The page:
QS 04:48 Mike: I kind of want to get into how you got into Bitcoin, some of things that you’ve been involved in. I know you were on the Bitcoin game or the Bitcoin show, whatever that podcast was where you talked a little bit about this. But, maybe you could just give us 30 seconds, quick brief of why when you first heard of Bitcoin, was it something that interested you and not just something that you kind of dismissed like maybe many people did?

Riccardo: I first really started to dabble with Bitcoin in early 2011. And a lot of the stuff initially that appealed to me was not so much the monetary aspect of it, but the distributed consensus stuff because I hadn’t previously thought that to be possible. The fact that there was something that worked, that did it, was kind of exciting and one of the earliest things that I remember, like really throughout the course of 2011 was figuring out how and why the consensus system worked. The fact that it basically was held together by string, duct tape and incentives. And sort of like learning that and then realizing that you can overcome, you can overcome attacks and challenges with a very clever use of incentives was really surprising to me. It wasn’t something I thought about in that frame, in that way. 

I sort of thought about it more as like, “You know, the only way to do this is by making attacks expensive and cryptography.” And now, suddenly, it was like, “Maybe we can sort of incentivize some degree of rational behavior.” That just blew my early 2011 interest in Bitcoin mind. I did the usual stuff. My initial sort of thing was like, “Oh, mining, look, this is so cool, oh mining. I need to figure out a way to do mining, mining, mining.” Which is not an unusual approach. A lot of people think initially that mining is really interesting. Then, over time, I got more involved in other things and other challenging and interesting areas. Basically, I’ve always sort of been aware of altcoins and always dabbled in altcoins, but honestly, until Monero came along, they were just like an interesting attraction or an interesting toy. Then, even Monero at the beginning, it was just an interesting toy until it became something a little bit more interesting, a little bit more serious. 

Mike: Yeah, yeah, that makes sense. I’ve heard you describe yourself in the past as at least mostly still a Bitcoin maximalist. I don’t want to put words in your mouth, but I know that’s sort of how I personally feel.


Riccardo: That’s true. 

Mike: You know, I think Monero is a cool project, otherwise I wouldn’t be doing this podcast. But just the market penetration of Bitcoin… As something that is a completely open ledger, it has certain benefits for certain applications that maybe Monero doesn’t have. 

Riccardo: Yeah. 

Mike: Yeah. Okay, so that’s cool. I kind of had a… Go ahead.

Riccardo: I was gonna say, as much as I love Monero and obviously I’m working on it for a reason, I think it’s also prudent to understand that Bitcoin has gone places that Monero is just never going to go or it won’t be able to go easily.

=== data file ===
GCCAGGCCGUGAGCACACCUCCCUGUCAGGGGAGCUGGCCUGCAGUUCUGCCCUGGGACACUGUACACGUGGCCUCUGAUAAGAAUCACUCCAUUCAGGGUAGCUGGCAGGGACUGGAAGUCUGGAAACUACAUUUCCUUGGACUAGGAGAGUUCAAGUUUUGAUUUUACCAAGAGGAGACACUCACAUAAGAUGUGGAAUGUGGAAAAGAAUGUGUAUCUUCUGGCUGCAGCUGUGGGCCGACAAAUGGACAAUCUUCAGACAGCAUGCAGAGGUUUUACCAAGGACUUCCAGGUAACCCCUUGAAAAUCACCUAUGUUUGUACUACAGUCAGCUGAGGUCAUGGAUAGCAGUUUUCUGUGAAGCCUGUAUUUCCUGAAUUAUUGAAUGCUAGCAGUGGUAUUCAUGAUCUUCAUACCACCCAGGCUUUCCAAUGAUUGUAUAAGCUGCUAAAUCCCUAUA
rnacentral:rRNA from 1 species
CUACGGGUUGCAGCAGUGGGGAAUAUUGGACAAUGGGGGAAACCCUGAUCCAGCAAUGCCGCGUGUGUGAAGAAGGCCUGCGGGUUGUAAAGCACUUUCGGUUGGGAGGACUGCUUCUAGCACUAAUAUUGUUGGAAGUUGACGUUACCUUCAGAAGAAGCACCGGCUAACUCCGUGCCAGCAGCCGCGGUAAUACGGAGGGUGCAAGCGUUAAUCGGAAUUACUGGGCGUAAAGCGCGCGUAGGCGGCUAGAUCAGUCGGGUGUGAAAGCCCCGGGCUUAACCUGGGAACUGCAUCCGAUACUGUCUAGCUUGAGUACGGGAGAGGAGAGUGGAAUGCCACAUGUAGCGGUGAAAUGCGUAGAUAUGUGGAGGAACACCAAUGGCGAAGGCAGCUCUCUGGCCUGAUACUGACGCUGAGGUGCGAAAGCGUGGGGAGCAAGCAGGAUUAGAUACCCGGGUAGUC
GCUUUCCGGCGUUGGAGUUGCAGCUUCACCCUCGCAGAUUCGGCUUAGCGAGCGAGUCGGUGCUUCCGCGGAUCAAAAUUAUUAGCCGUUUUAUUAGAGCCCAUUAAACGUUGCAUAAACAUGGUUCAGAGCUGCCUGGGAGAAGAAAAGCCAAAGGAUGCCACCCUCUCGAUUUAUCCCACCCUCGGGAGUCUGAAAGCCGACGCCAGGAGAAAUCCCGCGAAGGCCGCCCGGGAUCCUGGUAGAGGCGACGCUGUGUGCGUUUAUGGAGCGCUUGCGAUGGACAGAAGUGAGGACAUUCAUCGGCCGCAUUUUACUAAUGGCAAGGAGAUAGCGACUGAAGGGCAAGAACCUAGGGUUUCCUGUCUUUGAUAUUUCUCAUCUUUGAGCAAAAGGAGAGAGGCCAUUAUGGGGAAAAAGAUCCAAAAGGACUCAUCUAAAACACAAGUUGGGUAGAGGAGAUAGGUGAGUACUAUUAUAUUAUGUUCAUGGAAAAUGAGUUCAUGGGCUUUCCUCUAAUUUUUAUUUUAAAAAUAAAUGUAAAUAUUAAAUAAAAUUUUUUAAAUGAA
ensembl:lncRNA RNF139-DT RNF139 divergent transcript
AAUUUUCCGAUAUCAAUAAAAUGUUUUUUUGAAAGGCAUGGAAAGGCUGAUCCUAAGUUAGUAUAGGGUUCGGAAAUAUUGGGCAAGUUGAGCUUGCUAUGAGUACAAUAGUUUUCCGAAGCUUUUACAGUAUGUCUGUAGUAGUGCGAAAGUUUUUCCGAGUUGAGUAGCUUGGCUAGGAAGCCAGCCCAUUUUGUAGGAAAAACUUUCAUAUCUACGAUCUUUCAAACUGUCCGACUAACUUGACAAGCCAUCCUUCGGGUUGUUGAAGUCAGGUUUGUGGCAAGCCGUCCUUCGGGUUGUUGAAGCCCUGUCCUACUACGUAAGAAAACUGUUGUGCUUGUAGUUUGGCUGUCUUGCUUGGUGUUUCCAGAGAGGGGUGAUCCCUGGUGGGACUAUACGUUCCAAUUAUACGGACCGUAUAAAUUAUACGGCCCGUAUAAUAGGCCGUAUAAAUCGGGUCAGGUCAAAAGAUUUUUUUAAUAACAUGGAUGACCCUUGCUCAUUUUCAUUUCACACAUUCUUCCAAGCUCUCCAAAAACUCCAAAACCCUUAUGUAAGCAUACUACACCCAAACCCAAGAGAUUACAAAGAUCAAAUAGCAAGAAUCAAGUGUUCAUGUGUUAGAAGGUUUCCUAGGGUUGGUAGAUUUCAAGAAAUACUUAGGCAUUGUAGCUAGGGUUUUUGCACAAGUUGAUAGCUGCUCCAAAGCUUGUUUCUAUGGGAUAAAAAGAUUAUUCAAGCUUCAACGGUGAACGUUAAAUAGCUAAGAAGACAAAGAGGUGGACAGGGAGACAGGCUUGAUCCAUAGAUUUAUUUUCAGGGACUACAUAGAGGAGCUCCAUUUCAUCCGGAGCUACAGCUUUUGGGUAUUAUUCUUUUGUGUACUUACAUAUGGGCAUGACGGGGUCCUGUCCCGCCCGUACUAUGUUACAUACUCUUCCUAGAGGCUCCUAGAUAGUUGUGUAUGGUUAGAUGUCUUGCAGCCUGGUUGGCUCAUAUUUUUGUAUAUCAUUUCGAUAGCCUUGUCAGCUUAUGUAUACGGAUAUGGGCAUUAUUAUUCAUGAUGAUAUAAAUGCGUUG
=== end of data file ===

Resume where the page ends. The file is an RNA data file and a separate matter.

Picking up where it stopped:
Mike: Sure, sure. Yeah, I think I kind of followed a little bit of that same path as you. I think you’re right, a lot of people do. Hearing about things, saying, “This is interesting,” reading about it and then saying, “I’m gonna try and mine, mine, mine.” And it took me probably a year… I didn’t hear about Bitcoin or at least really take it seriously until 2014 when I sort of stumbled on it on accident and started reading more about it and tried to mine various altcoins. It just became like this incredibly annoying game of chasing what’s the next big thing, when in fact, really none of them were the next big thing. 

Riccardo: Yeah.


Mike: Bitcoin still is the next big thing.

Riccardo: To make it worse, you are battling what are effectively market manipulators and large-scale miners and people with more time, money, and energy on their hands than you or I have.



QS 9:35 Mike: Right. Any time that you would catch a wave at the right time was really just luck and not really knowing what you were doing, or at least for me. Okay, so what was your first attempt at a Bitcoin company? I know you have a number of businesses you’re running now, but what was the first thing that you did?

Riccardo: Initially, the sort of very early stuff that I did was, I helped people get setup with accepting Bitcoin in e-commerce stores. I did a lot of like, just because of the virtue of the business that my wife and I had started, which was an import-export business, I was exposed to a lot of e-commerce stuff like WP eCommerce and OpenCart and a bunch of other things. And so I spent a lot of time coding up ways of accepting Bitcoin in OpenCart or WP eCommerce or whatever and then, assisting people with implementing this in their e-commerce system. It was really like, forget about any of the ways that we do it now, with BitPay or anything like that. This was like, you run an actual wallet on your server and then you’re accepting funds into there and then you have this thing that sweeps it out from there into your cold wallet because heaven forbid you leave it there.